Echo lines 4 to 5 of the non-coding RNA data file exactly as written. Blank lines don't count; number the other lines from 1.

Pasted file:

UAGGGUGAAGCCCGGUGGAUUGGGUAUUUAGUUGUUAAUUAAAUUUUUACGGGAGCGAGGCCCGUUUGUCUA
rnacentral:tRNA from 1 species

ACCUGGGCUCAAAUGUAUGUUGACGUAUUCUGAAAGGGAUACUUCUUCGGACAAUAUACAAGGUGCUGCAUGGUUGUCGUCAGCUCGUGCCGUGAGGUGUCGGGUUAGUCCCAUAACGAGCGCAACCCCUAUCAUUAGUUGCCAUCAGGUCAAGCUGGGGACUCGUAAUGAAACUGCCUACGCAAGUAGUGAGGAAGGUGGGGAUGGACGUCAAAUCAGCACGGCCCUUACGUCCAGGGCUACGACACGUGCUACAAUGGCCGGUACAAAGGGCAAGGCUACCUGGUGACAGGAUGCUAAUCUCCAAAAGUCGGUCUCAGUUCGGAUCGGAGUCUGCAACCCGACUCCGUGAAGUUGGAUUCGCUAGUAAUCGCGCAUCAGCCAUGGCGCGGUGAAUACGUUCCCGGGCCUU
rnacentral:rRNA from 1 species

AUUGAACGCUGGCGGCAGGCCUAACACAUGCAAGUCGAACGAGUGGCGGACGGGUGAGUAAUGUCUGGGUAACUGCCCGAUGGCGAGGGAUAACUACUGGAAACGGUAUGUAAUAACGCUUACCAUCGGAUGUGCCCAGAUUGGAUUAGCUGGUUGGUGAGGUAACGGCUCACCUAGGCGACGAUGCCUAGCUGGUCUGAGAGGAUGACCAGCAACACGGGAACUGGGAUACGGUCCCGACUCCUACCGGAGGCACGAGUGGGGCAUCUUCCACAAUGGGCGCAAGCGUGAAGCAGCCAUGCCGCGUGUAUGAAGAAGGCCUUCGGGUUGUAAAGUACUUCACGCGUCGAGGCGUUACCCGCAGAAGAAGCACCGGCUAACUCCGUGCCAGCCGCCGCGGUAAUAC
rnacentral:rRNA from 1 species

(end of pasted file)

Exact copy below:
rnacentral:rRNA from 1 species

AUUGAACGCUGGCGGCAGGCCUAACACAUGCAAGUCGAACGAGUGGCGGACGGGUGAGUAAUGUCUGGGUAACUGCCCGAUGGCGAGGGAUAACUACUGGAAACGGUAUGUAAUAACGCUUACCAUCGGAUGUGCCCAGAUUGGAUUAGCUGGUUGGUGAGGUAACGGCUCACCUAGGCGACGAUGCCUAGCUGGUCUGAGAGGAUGACCAGCAACACGGGAACUGGGAUACGGUCCCGACUCCUACCGGAGGCACGAGUGGGGCAUCUUCCACAAUGGGCGCAAGCGUGAAGCAGCCAUGCCGCGUGUAUGAAGAAGGCCUUCGGGUUGUAAAGUACUUCACGCGUCGAGGCGUUACCCGCAGAAGAAGCACCGGCUAACUCCGUGCCAGCCGCCGCGGUAAUAC